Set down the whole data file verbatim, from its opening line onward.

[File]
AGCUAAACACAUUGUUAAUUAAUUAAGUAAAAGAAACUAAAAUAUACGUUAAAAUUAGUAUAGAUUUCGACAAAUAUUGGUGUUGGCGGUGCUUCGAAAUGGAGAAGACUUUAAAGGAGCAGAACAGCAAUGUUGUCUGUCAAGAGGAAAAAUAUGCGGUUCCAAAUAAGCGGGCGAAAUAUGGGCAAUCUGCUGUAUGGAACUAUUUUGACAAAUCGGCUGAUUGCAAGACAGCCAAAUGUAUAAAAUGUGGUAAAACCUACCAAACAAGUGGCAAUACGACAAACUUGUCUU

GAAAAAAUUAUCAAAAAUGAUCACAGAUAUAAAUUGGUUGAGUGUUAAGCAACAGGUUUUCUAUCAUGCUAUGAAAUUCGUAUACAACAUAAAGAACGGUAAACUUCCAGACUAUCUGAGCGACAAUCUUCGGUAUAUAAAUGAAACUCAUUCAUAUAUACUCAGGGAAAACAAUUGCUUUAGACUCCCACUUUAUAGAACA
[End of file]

AGCUAAACACAUUGUUAAUUAAUUAAGUAAAAGAAACUAAAAUAUACGUUAAAAUUAGUAUAGAUUUCGACAAAUAUUGGUGUUGGCGGUGCUUCGAAAUGGAGAAGACUUUAAAGGAGCAGAACAGCAAUGUUGUCUGUCAAGAGGAAAAAUAUGCGGUUCCAAAUAAGCGGGCGAAAUAUGGGCAAUCUGCUGUAUGGAACUAUUUUGACAAAUCGGCUGAUUGCAAGACAGCCAAAUGUAUAAAAUGUGGUAAAACCUACCAAACAAGUGGCAAUACGACAAACUUGUCUU

GAAAAAAUUAUCAAAAAUGAUCACAGAUAUAAAUUGGUUGAGUGUUAAGCAACAGGUUUUCUAUCAUGCUAUGAAAUUCGUAUACAACAUAAAGAACGGUAAACUUCCAGACUAUCUGAGCGACAAUCUUCGGUAUAUAAAUGAAACUCAUUCAUAUAUACUCAGGGAAAACAAUUGCUUUAGACUCCCACUUUAUAGAACA